Millennium Post

Riding on the development wave

The first phase of the crucial Assembly polls in West Bengal was held on Monday with Trinamool Congress (TMC) chief Mamata Banerjee facing the Left-Congress tie-up. In West Bengal, elections will be held on seven dates with the first phase having two polling days – the other being on April 11. The TMC looks well-set to secure another term in the State, following its governance track record through the course of five years. During her first term, Chief Minister Mamata Banerjee has worked towards achieving what the ordinary people of Bengal needed most—better urban-rural connectivity, water and electricity connections in slums and remote areas, intensive agricultural farming with improved market access, better public distribution system offering cheaper foodgrains to the poor, opening a number of new rural and urban education centres, improving healthcare and medical facilities, supporting village and small industries and infrastructure development, among others. Contrary to the perception set out by a partisan national media, West Bengal seems to be doing a lot better than most other States in the country. In the run-up to the elections, many attempts were made to destabilise the TMC. Allegations of corruption against the ruling party, primarily based on the dubious Narada tapes and the Saradha scam, were used by the opposition to gain traction among the voters. On the evidence available, it seems that the voters have remained firmly behind the TMC. However, it remains to be seen whether the Left-Congress alliance creates a dent in the TMC's overwhelming electoral appeal.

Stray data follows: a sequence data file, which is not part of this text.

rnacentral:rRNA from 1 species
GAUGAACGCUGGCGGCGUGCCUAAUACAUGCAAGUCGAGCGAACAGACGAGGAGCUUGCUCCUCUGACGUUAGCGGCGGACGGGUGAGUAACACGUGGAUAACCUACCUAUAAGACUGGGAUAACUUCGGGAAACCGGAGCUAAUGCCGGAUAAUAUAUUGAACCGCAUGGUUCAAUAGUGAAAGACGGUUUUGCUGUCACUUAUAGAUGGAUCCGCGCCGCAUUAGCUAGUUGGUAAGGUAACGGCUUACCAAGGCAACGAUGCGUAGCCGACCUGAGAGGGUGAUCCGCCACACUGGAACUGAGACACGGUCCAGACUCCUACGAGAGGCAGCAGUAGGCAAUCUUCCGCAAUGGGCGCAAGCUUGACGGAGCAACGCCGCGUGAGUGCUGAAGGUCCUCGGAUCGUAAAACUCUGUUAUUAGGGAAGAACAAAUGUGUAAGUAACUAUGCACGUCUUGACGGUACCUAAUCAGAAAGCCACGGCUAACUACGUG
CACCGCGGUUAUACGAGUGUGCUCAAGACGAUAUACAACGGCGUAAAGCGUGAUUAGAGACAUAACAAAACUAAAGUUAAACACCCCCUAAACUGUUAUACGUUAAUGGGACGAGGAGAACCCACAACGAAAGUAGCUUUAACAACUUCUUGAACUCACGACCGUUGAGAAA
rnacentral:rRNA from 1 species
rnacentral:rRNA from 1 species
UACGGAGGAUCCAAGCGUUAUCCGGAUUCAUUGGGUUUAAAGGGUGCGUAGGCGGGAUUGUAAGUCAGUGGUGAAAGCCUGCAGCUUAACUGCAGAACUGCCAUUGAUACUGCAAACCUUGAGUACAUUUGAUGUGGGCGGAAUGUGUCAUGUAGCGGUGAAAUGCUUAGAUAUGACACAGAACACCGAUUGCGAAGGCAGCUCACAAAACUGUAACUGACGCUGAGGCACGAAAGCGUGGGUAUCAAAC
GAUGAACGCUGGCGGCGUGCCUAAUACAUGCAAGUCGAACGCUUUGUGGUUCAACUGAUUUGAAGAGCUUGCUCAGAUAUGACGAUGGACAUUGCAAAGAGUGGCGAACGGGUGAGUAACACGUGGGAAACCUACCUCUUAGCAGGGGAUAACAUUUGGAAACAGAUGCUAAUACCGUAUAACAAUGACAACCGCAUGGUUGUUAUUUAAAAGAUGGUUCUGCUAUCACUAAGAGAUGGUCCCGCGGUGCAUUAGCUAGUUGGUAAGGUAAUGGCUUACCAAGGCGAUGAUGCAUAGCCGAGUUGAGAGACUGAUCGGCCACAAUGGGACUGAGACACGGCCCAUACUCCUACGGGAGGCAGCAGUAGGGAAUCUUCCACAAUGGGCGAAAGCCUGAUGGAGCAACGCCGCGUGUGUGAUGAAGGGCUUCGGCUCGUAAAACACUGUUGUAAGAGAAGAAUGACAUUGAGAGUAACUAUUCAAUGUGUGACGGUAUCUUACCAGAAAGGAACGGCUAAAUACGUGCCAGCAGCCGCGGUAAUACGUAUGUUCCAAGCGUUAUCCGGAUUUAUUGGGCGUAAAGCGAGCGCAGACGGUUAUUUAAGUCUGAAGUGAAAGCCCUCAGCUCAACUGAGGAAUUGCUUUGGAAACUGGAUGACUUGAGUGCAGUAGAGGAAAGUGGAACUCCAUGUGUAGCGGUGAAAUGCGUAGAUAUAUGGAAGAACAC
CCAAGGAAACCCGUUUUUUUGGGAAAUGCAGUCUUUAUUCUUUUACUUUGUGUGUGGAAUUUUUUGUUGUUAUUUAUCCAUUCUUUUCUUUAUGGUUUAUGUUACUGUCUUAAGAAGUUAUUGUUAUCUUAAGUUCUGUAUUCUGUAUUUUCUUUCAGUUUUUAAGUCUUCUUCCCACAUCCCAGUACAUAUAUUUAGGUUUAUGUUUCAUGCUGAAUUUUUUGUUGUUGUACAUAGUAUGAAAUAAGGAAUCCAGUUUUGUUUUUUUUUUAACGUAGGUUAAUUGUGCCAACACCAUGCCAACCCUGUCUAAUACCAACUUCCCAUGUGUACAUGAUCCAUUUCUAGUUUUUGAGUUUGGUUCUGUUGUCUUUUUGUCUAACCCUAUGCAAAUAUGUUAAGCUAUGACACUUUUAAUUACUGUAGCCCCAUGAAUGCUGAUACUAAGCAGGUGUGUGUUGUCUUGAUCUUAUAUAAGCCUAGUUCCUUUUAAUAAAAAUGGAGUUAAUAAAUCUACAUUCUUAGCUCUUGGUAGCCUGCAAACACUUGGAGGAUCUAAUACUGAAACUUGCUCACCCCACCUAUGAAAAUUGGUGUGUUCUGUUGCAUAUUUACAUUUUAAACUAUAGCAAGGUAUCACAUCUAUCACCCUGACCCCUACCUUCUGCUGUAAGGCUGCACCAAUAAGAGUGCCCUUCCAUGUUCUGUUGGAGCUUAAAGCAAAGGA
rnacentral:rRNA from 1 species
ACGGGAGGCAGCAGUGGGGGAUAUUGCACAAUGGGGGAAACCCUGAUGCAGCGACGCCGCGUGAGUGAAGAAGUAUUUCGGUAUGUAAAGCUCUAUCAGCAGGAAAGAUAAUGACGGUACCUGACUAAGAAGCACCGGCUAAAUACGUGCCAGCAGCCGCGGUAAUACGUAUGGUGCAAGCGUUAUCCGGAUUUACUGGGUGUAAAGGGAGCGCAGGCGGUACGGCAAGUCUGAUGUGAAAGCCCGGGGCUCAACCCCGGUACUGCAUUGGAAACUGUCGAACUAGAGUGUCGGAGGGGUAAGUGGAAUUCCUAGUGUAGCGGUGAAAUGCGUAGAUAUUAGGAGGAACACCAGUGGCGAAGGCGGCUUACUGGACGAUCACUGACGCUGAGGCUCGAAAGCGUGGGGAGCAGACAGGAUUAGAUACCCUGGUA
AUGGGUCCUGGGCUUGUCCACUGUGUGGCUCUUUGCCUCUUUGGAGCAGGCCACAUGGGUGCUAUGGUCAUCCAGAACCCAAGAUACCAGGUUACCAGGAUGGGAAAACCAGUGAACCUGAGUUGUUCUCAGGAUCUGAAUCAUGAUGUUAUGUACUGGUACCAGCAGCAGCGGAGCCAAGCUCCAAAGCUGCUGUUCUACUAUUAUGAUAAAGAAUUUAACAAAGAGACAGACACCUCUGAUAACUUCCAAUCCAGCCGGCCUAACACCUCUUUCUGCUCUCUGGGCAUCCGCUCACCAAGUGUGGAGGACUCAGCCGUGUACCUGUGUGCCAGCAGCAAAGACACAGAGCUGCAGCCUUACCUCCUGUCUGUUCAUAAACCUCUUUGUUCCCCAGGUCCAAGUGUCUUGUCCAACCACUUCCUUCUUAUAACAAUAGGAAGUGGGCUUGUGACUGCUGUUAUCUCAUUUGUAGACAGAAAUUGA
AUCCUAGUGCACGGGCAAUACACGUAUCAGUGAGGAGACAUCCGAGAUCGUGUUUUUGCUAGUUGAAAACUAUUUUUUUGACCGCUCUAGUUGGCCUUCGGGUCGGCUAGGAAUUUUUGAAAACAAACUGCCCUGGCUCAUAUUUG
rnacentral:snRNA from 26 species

On the evidence available, the illusions harboured by opposition parties have been shattered on numerous occasions. In the civic elections held in April 2015, the TMC secured an emphatic victory, winning an overwhelming number of seats in the municipalities and wards across the state. The party swept across West Bengal, as the Trinamool scored 70 out of 92, the Left six and the Congress five.  For the Bharatiya Janata Party (BJP), which had harboured high hopes of challenging the ruling establishment, it was a massive disappointment. It had failed to win a single municipality in the State. Prior to these civic elections, the two by-polls held in February 2015 saw the TMC retain both the Bongaon Lok Sabha seat and Krishanganj Assembly segment with huge margins. Many political commentators had seen these by-polls as a litmus test for the TMC’s popularity in the state following the arrest of key party leaders by the Central Bureau of Investigation in the Saradha scam, allied with murmurs of dissidents within its ranks. After relative success in the Lok Sabha elections and subsequent Basirhat South Assembly by-poll in 2014, the BJP was looking to consolidate its position in the state. The ruling party at the Centre was, however, humbled in both by-polls. Subsequently, in October 2015, the party scored yet another landslide victory in civic poll elections to Bidhannagar and Asansol Municipal Corporations and wrested Bally civic body from the Left Front. These victories have emphatically ensured that the Trinamool Congress’ hold over the electorate continues unabated. The margin of the victory could also be an indication of the shrinking political space for the opposition. Despite the best attempts of opposition parties and the Governor to stifle the poll process, recent results have shown that the voter continues to trust the TMC. Suffice to say, the sudden surfacing of the two-year-old Narada's sting operation against some TMC leaders was a desperate opposition political ploy. Data available in the public domain has emphatically shown how the Mamata Banerjee-led government has taken the State from the pits to relative economic prosperity.